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sabbath frustrations@$#& [22 Aug 2007|12:35pm]
[ mood | annoyed ]

I live about 50 miles away from my family, so I usually don't see them much except for birthdays/holidays. My little brother just had his 13th birthday a couple weeks ago and I told him I would take him back-to-school clothes shopping and help him pick things out. Well, considering it's a 100 mile round trip and I am currently driving a pickup truck that only gets something like 14 mpg, I was trying to figure out a time I could take him when I would already be down there for something else and wouldn't have to blow half a tank of gas on an extra trip. Well, my sister is having a "going back to BYU" farewell dinner on Sunday that I promised I would come to. So I thought I would try and kill two birds with one stone. 

Should've known that wouldn't fly.

When I asked my mom if I could take my brother clothes shopping on a (gasp!) Sunday after my sister's farewell dinner, she shot me down right away, even though she knows I am inactive/ not a believer and my little brother wouldn't be spending money or sinning on the Sabbath, I would. I haven't been able to spend one on one time with my brother in almost a year, and I find it ironic that a religion so focused on "family" causes so much tension and division within the family. If anything, it separates the family. Saturdays and Sundays are my only free days during the week, and my parents' schedule is usually full on Saturdays, and my brothers and sisters are always working or doing some church activity or hanging out with friends on Saturday. Sunday is THE ONLY FREE DAY. And I'm told I'll need to "find a better time, you know we can't do anything on Sunday." What about MY schedule? Obviously it's not important.

Why can't you go do any kind of bonding activity on Sunday as a family? (Besides picnics and observing nature. Seriously.) I thought family came first and church came second?

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Mountain Meadows Massacre [22 Aug 2007|04:52pm]
The latest issue of the Ensign magazine (September 2007) has a large article about the Mountain Meadows Massacre. I did not have the guts to finish it, but the beginning seemed much more honest than what I expected. Of course they will white wash as much as possible, but at least they are dealing with it. When I joined the church in 1975 this subject was a taboo and any explanations from the church were 100% lies. I guess that's progress.

Reading it one would like to remind the faithful that all the leaders mentioned there were supposedly "God chosen and guided" just like today's leaders, and some of them were "prophets of God, seers and revelators" to whom God supposedly talked a few times per day.

It also occurred to me that Brigham Young was just as effective leader for the Saints as George W. Bush is today for the nation.

One wants to puke.
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lashings of uncertainty with a side of bewilderment [22 Aug 2007|07:23pm]
[ mood | disappointed ]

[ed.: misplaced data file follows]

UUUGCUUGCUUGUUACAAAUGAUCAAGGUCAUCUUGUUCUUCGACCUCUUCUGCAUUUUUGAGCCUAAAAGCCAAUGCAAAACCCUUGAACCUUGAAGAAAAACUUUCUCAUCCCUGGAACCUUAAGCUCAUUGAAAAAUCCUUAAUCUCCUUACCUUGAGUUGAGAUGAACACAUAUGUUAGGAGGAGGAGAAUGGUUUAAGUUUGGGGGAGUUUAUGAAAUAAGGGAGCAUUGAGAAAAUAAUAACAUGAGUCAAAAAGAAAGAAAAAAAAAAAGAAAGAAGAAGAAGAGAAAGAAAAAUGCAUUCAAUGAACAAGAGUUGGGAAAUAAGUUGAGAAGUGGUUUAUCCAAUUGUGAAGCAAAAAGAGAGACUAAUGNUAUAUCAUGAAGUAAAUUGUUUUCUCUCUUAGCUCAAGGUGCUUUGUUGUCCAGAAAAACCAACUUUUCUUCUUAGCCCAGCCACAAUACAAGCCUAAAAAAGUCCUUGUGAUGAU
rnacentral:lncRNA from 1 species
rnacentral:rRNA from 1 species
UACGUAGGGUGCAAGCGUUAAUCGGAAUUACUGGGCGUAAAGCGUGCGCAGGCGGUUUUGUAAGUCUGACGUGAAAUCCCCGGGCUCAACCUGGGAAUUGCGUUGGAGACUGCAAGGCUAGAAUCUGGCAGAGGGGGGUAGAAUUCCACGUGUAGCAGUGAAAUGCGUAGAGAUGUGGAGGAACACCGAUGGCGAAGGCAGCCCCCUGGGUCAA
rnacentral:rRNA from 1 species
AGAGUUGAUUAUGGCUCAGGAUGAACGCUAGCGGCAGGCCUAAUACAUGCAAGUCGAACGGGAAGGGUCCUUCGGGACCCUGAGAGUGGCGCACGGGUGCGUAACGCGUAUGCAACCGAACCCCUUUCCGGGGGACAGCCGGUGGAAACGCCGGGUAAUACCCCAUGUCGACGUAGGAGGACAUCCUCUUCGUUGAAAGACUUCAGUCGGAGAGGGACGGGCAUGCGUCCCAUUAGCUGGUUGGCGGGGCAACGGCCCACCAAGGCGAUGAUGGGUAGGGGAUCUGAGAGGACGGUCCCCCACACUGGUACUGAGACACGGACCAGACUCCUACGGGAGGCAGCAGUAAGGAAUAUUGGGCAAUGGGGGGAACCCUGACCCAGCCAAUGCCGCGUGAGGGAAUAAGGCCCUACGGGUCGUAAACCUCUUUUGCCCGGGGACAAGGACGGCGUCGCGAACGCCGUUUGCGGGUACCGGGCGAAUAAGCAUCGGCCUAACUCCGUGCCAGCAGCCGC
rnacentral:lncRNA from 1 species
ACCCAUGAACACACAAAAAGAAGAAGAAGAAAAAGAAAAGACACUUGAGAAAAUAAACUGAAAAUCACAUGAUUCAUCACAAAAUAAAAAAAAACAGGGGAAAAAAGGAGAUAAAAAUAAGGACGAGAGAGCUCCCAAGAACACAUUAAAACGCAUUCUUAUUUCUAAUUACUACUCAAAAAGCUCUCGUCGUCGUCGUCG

Hello All. I've just joined the community. Basically I've been LDS since I was six and active since I was thirteen. Now that's all changing, but this realisation is all pretty new. A lot of people have described having bad experiences and then leaving or finding out more. I was actually pretty happy at church, but now I feel less and less comfortable. (If you want to read how I came to the realisation that the 'restoration' didn't occur, etc, then it's on my LJ.) For a week or so I just felt sad all the time, but I seem to have moved past that now. I'm still a member and I will be for a while longer. After all these years, I need some time to sort things out and to say goodbye to whatever is eventually going to be left behind. 

After I read the information (Book of Abraham, View of the Hebrews) I sent the link to a close friend of mine, telling him that the information was the first 'anti-mormon' thing I had ever read that made logical sense to me or really troubled me (most of it is so vitriolic or obviously out of context that it's pretty easy to dismiss). I asked him to give me his opinion on the information. He simply never wrote back. 

What is significant about this is that this is a person I email from work almost every day, about anything and everything. We have exchanged email on other subjects since that one was sent. Over the last decade I have discussed more theories and points of church doctrine with him than with any other person, and I have always valued his objectivity and logic. He sent me (amongst others) an email yesterday about some new pamphlet the church has released. I took the opportunity to comment that I hadn't had a reply to my question and to ask if this was an indication that this was something he didn't want to talk about. So far no reply. 

Ironically this has come at a time when I'm starting to really connect with people in my ward after a long settling-in period. It makes me wonder who I'll still be socialising with in six months. If I can't predict the responses of one of my closest friends, then it really isn't possible to guess anything about  my near (church) future with any certainty.  

#Cross-posted in one other community.#

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